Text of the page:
Short Story: The Key to No 43

Alice tried to remember who had given her the key. The memory seemed to dance out of reach. Strangely she could remember the rest of the day, but not that one moment.

Someone had given it to her for a reason; that much seemed clear. The heavy iron key sat on her kitchen counter and Alice perched on a stool considering what to do with it. What use was a key without a lock? On the side of the shaft, someone had etched a single number into the metal. 43. An address perhaps?

Yes.

Alice jumped and turned to look over her shoulder. The thought was definitely inside her head, but it felt so utterly alien she must have heard it. There was no one there.

“Hello?” No answer. She turned back to the key on the counter top. So it was part of an address, but there was no street name. Or was 43 the street number? 43rd Street. 43, 43rd Street?

Yes.

This time Alice controlled her flinch but a shiver still ran up her spine. Where the hell was the voice coming from? Her own thoughts did not sound so masculine, and they didn’t have such a strong British accent.

“Who are you?” she whispered. Her head stayed quiet. Who are you? She tried thinking.

Someone who needs your help.

She tumbled off her chair and backed away from the counter. Single words were one thing but that! Ge-agh, weird! Okay, okay, she needed to get a grip. She took a deep breath and climbed back onto the stool.

Why do you need my help? she thought clearly.

You are the only one who can free me. Take the key, open the door.

Each time he spoke his voice became clearer and more distinct.

Alice picked the key up. Crazy guy in her head wanted her to drive across town and open some door with a medieval key. Yeah, nothing fishy there. But, she got the strong impression he wouldn’t take no for an answer and she didn’t know how to block him from her head.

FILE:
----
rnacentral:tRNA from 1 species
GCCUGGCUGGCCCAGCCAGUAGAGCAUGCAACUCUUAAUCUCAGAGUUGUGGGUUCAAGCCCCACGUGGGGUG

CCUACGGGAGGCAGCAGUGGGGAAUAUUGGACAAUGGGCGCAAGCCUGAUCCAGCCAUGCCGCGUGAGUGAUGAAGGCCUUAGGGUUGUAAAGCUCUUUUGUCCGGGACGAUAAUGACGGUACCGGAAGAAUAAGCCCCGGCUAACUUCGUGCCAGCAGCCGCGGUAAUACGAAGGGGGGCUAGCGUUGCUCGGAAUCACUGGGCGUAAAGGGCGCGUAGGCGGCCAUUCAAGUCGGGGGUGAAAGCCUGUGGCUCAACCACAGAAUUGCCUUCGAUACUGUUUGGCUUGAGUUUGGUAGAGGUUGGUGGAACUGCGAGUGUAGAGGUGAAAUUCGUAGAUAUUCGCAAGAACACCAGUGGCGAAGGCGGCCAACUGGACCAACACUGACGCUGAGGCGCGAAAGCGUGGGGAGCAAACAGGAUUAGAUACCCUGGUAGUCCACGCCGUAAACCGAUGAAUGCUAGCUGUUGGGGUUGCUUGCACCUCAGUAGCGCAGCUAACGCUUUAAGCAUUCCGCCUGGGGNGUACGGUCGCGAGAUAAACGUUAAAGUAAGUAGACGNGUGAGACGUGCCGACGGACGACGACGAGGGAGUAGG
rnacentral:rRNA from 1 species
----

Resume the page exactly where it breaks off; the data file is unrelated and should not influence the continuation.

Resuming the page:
Fine, but you’d better get out of my head after.

***

The door on 43rd street was impossible. Sandwiched between a deli and a dry cleaners the tiny, drunken building looked older than Columbus. Chunky iron studs dotted a weathered oak door barely five foot high.

It certainly matched the key.

She turned the key in the lock with a satisfying clunk and then pushed the door inwards. Stiff hinges resisted. She ducked under the lintel and took a single step into the dim interior. Cool air rushed past her, gathering force until she had to strain to resist it.

Thank you said the voice in her head.

She staggered back and her heel caught the doorstep. She hit the side walk with a bump and muttered a curse under her breath. When she looked up, the door was gone, as was the wonky little house. The dry cleaners simply pressed up against the deli with no gap in between.

Alice stood and put her hand up to the line between the two properties. How could a whole house vanish?

Are you still there? she asked the voice in her head. Silence.

But, what had he meant? Who had given her the key? What exactly had just happened?

“You freed me.”

Alice jumped and spun to face the man behind her. Dust clung to his archaic long coat and ruffled shirt. He looked like he’d just stepped out of King Henry VIII’s court. Her mouth dropped open. The voice perfectly matched the one in her head. A million more questions bubbled up.

“Why me?” she asked.

He shrugged. “Fate, destiny. Call it what you will. It always had to be you.”

“Huh.”

Middle ages guy look around, eyes widening as he took in the tall city around him. A woman with a little terrier on a string frowned at them as she walked past.

“Maybe we should get you indoors,” Alice said, grabbing his arm. She’d released him, it seemed like he was her responsibility now. Oh boy.

 

Based on writing prompt 309 from Creative Writing prompts.

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